In the movie “The Kid” Russ Duritz (played by actor Bruce Willis) mysteriously met an 8-year old boy who turns out to be Russ himself when he was a boy. The conversations between the 40-year old Russ and the 8-year old Russ enabled the older Russ to reflect on his life: What did he do wrong? What should he have done? How should he chart a new course in life?
The time-warp was an extraordinary opportunity for the older Russ to give advice to the boy Russ. It was an equally extraordinary opportunity for the boy Russ to ask the older Russ questions such as: “Why did you give up your dream of being a pilot? You are 40 years old and you don’t have a wife yet! (The older Russ has a girlfriend who is getting tired of his inability or unwillingness to commit.) You don’t even own a dog, what’s wrong with you?!”
The last scene in the movie was in an airport runway in the evening. It was a double time-warp. As the 40-year old Russ and the 8-year old Russ was watching, a much older Russ — who was boarding his private jet with his wife (Russ’ current girlfriend) and their dog — waved back at them.
Richard Edler interviewed CEOs and compiled the results into a book entitled “If I Know Then What I Know Now: CEOs and other Smart Executives Share Wisdom They Wish They’d Been Told 25 Years Ago” (New York: Berkley Books, 1996). Like Russ Duritz in the movie “The Kid”, the CEOs summarized their most important life learning into a few paragraphs that they wished were told them when they were 25 years younger.
“…the most important enduring aspect of a person’s ability to make a difference comes not from brains or motivation, but from character. And at the heart of character is an old-fashioned value that is overlooked and underrated. Trust. …certainly not a new perspective. But, as I look back at my own life, these things seem more important than ever.”
Retired Chairman and CEO
Foote, Cone & Belding
“Listening is the most difficult skill to learn, and the most important to have… Learning to talk is relatively easy. Spend twice as much time learning to listen as you do learning to talk.”
Ketchum Advertising, San Francisco
“Success is waking up in the morning, whoever you are, wherever you are, however old or young, and bounding out of bed because there’s something out there that you love to do, that you believe in, that you’re good at – something that’s bigger than you are, and you can hardly wait to get at it again today.”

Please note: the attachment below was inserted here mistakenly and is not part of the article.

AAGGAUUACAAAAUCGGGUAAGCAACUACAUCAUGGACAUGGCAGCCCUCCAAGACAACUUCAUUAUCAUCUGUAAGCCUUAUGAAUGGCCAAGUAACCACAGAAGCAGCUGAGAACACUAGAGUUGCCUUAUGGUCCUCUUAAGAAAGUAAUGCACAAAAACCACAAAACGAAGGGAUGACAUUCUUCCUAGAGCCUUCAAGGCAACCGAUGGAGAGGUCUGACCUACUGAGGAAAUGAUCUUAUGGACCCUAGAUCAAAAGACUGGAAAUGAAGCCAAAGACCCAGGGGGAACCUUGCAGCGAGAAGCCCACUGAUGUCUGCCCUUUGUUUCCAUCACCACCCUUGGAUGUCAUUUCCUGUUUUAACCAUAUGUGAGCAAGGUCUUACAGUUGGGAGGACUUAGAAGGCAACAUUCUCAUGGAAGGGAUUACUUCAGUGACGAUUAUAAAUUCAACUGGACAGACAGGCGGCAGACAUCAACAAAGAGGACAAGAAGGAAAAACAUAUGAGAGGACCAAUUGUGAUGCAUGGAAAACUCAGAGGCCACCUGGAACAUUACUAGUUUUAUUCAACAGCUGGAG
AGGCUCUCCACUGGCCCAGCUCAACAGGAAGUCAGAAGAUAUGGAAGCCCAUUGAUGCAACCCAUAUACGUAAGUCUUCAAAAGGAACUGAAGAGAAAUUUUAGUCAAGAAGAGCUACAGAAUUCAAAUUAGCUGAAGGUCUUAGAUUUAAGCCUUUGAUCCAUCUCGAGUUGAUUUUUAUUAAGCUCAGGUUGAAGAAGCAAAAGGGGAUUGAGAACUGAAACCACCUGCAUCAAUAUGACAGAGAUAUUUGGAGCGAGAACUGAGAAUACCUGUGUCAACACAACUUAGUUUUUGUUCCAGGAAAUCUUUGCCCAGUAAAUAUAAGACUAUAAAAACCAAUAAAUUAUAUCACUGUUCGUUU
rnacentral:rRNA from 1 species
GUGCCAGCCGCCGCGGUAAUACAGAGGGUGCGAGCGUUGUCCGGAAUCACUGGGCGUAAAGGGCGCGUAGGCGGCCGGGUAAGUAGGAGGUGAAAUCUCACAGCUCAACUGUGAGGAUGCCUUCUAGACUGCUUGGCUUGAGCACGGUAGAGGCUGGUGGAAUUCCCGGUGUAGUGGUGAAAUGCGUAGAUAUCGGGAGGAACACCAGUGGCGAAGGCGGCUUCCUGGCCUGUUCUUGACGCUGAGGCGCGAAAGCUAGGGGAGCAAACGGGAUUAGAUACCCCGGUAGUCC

“What is your most important learning?” is a high-value question that is best asked of an experienced senior staff about to retire from your company. It will produce high-value answers that are worth listening to (and documenting) by you and your company colleagues. It is high-value knowledge that would otherwise be lost to the company.
“What is your most important life learning?” is a most high-value question that is best asked of very senior people in their twilight years. Their answers would be high-value knowledge on how to live life that would otherwise be forever lost if not asked. We spent years and much money going through school so that we learn how to make a living, but not how to live life. So, go ahead and ask high-value questions of very senior people. You will spend only a few minutes and they will share it for free. Where else can you get such an extremely high benefit-cost ratio?!
You can ask the same high-value question especially of people who are dying. I enjoyed and profited tremendously reading Mitch Albom’s “Tuesdays with Morrie: An Old Man, a Young Man, and Life’s Greatest Lesson.” I recommend it to you.
And how about you, what is your most important life learning?
Some organizations find it useful to construct a “learning history” (see for example: George Roth and Art Kleiner: “Developing Organizational Memory through Learning Histories” in James W. Cortada and John A. Woods (editors): The Knowledge Management Yearbook 2000-2001, Boston: Butterworth Heinemann, 2000).
Why can’t an individual also construct his or her own “personal learning history“? Try it. Make a short outline your academic and career history, and ask yourself “What are my major learnings along the way?” “What does it tell me about my approach to learning, personal and professional development?” “Did I have a conscious learning plan and career development plan?” “How can I improve the rest of my learning journey?”
The last question is a high-value question for me. Ask yourself that question too (or perhaps you can invent another high-value question that suits you better).
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Tags: Art Kleiner, career development plan, George Roth, high-value question, knowledge management, learning, learning history, learning organization, life learning, listening, Lynn Upshaw, Mitch Albom, Norman Brown, personal knowledge management, personal learning history, Richard Edler, Whit Hobbs